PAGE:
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Tickers in this Article: SKS, JWN, LTD, GPS, ANF, JCP, FDO
The retail carousel continued to spin last week, following March's sales results, picking up some new winners and dropping off some losers in the process.

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Overall, same-store retail sales were up a near-record-breaking 9.1% last month, though bear in mind Easter fell a little early this year, and that it wasn't clear during the comparison month - March of 2009 - that we were anywhere near a rebound. The bar was set pretty low.

Upscale Wins Big
It wasn't just that higher-end department stores Nordstrom (NYSE:JWN) and Saks (NYSE:SKS) did better - they did a LOT better, increase sales by 16.8% and 12.7%, respectively. And while it may require a loose definition of the word 'luxury' to put those two retailers in the group, luxury sales were up 14.2% last month, all the same.

Tweeners Still a Mixed Bag
Though not targeting quite the same customer, the higher-end and 'tween retailers like Limited Brands (NYSE:LTD) and Gap (NYSE:GPS) also had a good showing in March. Limited Brands saw a 15.0% same-store sales increase, and GAP did better by 11.0%. Both topped expectations.

It wasn't all sunshine and roses for the trendy group though. Abercrombie & Fitch (NYSE:ANF) disappointed with only a 5.0% increase in revenue versus the expected 6.6% improvement.

Value-Oriented Retailers Struggle
An increase is obviously good news for any company, but when your increase is well under the average same-store sales increase of 9.1%, something's wrong.

Such is the case with J.C. Penney (NYSE:JCP), which saw only a 5.4% increase in March's sales figure. That wasn't the absolute worst year-over-year showing in this hot industry, but it was one of the weaker performances, which is something of a surprise, considering the edge the retailer should have in the Easter shopping market.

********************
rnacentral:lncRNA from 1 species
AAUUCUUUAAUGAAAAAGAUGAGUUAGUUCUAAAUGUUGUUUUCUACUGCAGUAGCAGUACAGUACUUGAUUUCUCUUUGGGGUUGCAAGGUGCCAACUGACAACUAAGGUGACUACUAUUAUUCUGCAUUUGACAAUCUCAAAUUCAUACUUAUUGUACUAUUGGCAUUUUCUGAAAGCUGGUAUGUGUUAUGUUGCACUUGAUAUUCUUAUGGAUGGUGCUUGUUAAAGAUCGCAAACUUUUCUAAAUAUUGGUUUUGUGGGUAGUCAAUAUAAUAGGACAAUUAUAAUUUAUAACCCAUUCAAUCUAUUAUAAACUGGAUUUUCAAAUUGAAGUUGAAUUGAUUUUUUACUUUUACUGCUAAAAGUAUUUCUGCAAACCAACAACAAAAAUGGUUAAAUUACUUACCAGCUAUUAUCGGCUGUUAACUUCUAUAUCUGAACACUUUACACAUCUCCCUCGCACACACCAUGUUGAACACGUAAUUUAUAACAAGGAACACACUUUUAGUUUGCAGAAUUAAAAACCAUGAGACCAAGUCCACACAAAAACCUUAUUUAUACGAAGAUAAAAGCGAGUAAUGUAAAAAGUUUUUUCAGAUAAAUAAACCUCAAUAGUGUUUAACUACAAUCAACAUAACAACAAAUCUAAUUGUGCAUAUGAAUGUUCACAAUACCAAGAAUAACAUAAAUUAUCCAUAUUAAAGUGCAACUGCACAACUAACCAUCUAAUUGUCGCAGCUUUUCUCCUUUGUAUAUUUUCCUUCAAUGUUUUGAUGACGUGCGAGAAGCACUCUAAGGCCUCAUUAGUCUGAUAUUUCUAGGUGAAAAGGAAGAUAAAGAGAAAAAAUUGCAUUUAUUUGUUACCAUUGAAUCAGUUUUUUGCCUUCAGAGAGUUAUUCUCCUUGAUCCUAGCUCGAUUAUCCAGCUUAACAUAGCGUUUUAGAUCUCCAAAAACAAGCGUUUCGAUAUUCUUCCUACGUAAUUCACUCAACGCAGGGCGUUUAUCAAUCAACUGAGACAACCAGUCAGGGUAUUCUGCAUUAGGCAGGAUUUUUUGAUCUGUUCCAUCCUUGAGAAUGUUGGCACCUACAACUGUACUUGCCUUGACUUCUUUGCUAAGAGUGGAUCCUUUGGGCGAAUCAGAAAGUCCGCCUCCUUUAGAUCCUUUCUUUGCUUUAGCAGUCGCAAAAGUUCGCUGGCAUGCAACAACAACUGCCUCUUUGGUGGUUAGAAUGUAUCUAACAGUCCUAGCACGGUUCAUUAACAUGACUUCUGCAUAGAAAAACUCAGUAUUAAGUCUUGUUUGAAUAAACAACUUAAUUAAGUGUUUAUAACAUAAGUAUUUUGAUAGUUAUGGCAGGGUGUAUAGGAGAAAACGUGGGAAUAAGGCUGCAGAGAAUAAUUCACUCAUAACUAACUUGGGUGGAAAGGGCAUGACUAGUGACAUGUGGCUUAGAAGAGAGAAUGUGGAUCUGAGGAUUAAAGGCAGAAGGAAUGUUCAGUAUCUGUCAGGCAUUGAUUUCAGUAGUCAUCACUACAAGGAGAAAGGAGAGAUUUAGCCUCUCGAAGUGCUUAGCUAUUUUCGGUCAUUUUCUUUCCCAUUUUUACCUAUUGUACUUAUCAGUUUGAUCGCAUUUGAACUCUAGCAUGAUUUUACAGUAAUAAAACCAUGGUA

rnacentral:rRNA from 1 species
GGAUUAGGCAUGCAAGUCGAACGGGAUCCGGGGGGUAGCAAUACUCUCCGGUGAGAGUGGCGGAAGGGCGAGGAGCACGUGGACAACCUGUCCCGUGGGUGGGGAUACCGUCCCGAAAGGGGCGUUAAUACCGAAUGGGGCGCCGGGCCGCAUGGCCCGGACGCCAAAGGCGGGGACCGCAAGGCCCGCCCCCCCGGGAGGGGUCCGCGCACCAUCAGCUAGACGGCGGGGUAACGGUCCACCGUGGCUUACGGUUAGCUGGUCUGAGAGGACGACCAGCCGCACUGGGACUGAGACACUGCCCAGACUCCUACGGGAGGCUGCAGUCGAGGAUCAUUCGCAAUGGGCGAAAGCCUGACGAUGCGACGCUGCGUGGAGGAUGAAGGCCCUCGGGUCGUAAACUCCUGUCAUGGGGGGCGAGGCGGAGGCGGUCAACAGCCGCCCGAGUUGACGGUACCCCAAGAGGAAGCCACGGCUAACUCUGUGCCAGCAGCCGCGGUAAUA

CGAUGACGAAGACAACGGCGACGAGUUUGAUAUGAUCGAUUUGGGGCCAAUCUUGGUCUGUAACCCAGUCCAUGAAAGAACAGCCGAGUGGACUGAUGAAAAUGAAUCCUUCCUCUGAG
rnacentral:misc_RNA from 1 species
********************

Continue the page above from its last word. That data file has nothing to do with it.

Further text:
Retail Reality
Though some retailers clearly did better than others, nearly all of them that made public estimates regarding March's result said the same thing regarding April's numbers, not to expect the same kind of strength. The calendar and easy comparisons set March up as a slow-pitch softball.

That said, even with the effort to talk-down April expectations, some analysts point out that the pace of consumer spending has been getting stronger for six months, and they're expecting the combined March/April period to still be stronger than the same two-month span last year.

A 'wait and see' approach may well be the wise move here, however.

The Bottom Line
Even though year-to-date same-store sales are up for most retailers like they were in March, there's still plenty of evidence that consumers remain value and bargain-oriented, and are not as eager to spend as last month's numbers would suggest. Remember, even the year-to-date comparisons to last year are comparing retail sales to a time when the economy and retail spending was still in shambles - it would take little to top those figures.

In fact, bargain-basement retailer Family Dollar (NYSE:FDO) saw a 3.6% increase in same-store sales last quarter (on higher foot traffic), and is looking for a 6-8% increase in the same-store top line for the current quarter, telling us that shoppers haven't quite gotten back in the 'ignore the price tag' frame of mind yet. (Insider tracking can inform your investment strategy, but it requires research and a level head. Find out what to look for, in When Insiders Buy, Should Investors Join Them?)

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